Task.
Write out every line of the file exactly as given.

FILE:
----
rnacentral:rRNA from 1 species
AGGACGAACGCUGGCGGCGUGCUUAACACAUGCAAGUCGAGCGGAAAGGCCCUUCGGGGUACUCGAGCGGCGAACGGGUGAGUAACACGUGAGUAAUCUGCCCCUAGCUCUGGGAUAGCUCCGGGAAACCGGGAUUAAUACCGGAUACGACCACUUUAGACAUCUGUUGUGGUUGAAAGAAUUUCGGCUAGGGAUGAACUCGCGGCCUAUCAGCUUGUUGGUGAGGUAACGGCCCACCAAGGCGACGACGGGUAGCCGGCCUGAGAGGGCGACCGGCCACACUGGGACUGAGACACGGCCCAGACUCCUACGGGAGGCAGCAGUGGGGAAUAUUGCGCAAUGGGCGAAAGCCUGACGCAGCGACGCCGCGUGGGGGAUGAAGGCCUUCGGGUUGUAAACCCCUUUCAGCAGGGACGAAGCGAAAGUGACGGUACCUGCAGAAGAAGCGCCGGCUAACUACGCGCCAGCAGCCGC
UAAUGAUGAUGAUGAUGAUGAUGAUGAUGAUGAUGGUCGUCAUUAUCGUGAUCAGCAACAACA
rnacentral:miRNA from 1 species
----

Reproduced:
rnacentral:rRNA from 1 species
AGGACGAACGCUGGCGGCGUGCUUAACACAUGCAAGUCGAGCGGAAAGGCCCUUCGGGGUACUCGAGCGGCGAACGGGUGAGUAACACGUGAGUAAUCUGCCCCUAGCUCUGGGAUAGCUCCGGGAAACCGGGAUUAAUACCGGAUACGACCACUUUAGACAUCUGUUGUGGUUGAAAGAAUUUCGGCUAGGGAUGAACUCGCGGCCUAUCAGCUUGUUGGUGAGGUAACGGCCCACCAAGGCGACGACGGGUAGCCGGCCUGAGAGGGCGACCGGCCACACUGGGACUGAGACACGGCCCAGACUCCUACGGGAGGCAGCAGUGGGGAAUAUUGCGCAAUGGGCGAAAGCCUGACGCAGCGACGCCGCGUGGGGGAUGAAGGCCUUCGGGUUGUAAACCCCUUUCAGCAGGGACGAAGCGAAAGUGACGGUACCUGCAGAAGAAGCGCCGGCUAACUACGCGCCAGCAGCCGC
UAAUGAUGAUGAUGAUGAUGAUGAUGAUGAUGAUGGUCGUCAUUAUCGUGAUCAGCAACAACA
rnacentral:miRNA from 1 species